I’m studying a PhD in Digital Humanities/Classical Studies, funded by the AHRC through the Consortium for the Humanities and the Arts South-East England (CHASE).
Before returning to study, I worked as Repository Manager at Cambridge University Library, where I was responsible for managing and curating collections of digital objects, such as articles, theses, datasets, images and videos, as well as advising researchers on how best to describe these materials, facilitating their discovery by other users. I previously worked in other academic libraries, as well as Cambridge’s Admissions Office, where I managed digital media projects to encourage students to apply to the university.
My previous qualifications include MA Electronic Communication and Publishing (UCL), Certificate in Web Applications Development (Open University), MA Archaeological Research and BA (Hons.) Ancient History and Archaeology (both University of Nottingham).
Alongside my PhD, I am Secretary of the UK Museums Computer Group and Programme Co-Chair of its annual Museums+Tech conference. During 2018-2019, I was Web Officer for Brief Encounters, CHASE's open-access student journal.
My PhD looks at how Linked Data can be integrated with existing research methodologies for the study of the Ancient World. Linked Data technologies are used to make connections between digital objects based on common features, by describing what they are and their relationships with each other in a way that can be understood by a computer. It can connect objects within and across digital collections, allowing researchers to search multiple sources at once to find e.g. all objects of a particular type, from a particular place or time, or that were created by the same person. Additionally, it can highlight relationships between objects that would not have been apparent otherwise.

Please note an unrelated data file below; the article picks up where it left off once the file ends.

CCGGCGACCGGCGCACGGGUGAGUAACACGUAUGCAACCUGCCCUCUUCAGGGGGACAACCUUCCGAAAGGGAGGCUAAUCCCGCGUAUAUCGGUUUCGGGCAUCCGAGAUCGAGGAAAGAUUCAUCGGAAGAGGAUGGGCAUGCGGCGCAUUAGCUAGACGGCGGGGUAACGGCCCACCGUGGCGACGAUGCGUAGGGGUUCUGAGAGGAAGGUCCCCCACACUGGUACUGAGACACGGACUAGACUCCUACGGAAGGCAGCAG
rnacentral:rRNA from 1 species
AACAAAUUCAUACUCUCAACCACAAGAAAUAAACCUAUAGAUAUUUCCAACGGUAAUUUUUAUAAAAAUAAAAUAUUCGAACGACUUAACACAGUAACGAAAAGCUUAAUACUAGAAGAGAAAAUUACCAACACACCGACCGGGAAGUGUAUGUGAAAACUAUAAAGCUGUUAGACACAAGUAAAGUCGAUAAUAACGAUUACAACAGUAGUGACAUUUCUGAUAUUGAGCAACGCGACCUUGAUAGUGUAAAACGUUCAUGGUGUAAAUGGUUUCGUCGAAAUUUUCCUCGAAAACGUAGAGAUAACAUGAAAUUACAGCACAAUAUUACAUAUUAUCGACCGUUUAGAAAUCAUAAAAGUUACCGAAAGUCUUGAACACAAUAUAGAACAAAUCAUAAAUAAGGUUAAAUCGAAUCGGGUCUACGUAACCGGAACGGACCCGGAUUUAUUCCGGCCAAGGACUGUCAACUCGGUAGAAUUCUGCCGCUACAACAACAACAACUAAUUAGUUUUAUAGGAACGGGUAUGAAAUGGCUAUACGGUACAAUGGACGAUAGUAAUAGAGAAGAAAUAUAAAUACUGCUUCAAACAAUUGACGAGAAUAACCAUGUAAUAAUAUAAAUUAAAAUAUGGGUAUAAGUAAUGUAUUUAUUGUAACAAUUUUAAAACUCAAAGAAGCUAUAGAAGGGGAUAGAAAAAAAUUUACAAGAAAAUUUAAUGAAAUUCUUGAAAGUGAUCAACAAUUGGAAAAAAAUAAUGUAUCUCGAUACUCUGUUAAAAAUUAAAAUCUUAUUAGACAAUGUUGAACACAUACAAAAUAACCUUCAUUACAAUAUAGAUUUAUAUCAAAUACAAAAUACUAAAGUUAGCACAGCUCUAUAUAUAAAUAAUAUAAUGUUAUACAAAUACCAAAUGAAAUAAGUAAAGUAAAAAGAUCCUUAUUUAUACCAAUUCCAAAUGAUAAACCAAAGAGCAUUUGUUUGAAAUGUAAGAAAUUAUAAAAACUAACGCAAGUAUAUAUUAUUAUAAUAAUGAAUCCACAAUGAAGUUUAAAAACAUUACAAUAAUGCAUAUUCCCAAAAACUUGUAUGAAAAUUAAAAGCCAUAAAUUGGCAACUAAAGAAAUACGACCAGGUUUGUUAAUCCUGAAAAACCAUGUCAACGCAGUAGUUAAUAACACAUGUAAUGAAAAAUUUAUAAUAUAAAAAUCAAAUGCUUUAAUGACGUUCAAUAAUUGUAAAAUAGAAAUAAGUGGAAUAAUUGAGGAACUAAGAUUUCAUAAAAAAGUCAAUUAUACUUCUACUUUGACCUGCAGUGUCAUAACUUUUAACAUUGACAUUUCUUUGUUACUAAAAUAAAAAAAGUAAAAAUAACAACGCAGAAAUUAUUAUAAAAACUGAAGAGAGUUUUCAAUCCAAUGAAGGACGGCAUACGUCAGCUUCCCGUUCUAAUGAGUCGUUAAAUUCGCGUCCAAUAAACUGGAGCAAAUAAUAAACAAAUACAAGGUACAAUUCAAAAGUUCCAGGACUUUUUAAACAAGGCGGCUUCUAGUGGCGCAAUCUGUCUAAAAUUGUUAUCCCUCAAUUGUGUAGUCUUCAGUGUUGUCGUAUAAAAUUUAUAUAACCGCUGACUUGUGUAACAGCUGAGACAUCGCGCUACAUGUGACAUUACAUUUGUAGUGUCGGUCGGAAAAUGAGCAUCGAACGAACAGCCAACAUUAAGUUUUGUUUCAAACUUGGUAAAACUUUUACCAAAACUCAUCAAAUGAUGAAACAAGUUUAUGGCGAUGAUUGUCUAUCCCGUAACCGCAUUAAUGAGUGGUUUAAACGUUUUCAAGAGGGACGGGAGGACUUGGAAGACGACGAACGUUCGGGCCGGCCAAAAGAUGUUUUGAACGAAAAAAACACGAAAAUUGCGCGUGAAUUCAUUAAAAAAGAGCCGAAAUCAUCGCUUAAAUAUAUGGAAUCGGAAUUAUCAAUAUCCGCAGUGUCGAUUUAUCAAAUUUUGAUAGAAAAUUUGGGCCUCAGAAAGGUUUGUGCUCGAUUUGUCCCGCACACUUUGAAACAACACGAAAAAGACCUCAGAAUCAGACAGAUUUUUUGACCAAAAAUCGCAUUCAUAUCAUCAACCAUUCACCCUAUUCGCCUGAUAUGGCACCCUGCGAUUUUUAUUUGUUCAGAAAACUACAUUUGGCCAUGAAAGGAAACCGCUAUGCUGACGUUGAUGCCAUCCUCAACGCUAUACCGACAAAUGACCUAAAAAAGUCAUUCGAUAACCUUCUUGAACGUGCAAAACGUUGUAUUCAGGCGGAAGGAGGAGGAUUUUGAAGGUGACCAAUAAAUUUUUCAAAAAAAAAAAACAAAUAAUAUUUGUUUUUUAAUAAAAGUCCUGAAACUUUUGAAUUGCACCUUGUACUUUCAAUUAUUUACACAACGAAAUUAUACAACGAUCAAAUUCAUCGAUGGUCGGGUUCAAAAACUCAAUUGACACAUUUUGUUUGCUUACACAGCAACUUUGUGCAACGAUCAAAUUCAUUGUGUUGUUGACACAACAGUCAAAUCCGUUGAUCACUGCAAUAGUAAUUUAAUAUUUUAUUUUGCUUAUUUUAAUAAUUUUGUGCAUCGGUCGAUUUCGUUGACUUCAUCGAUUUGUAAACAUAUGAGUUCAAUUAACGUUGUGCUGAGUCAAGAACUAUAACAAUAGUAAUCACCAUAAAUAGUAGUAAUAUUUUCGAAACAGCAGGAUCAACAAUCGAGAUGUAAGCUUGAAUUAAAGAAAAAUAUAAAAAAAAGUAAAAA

However, despite its potential, Linked Data is still not widely used by Humanities researchers – I aim to explore why this is the case, what the potential benefits could be, and how better integration with existing research methodologies might be achieved.
More generally, my research interests include Digital Humanities, the Ancient World, cultural heritage, usability, and metadata.
During 2018-2019, I was a member of the Getty-funded Institute in Ancient Itineraries. This project was an international collaboration, led by researchers from King's College London and Uppsala University, which aimed to investigate the digital representation of ancient art objects, as well as their journeys through space and time.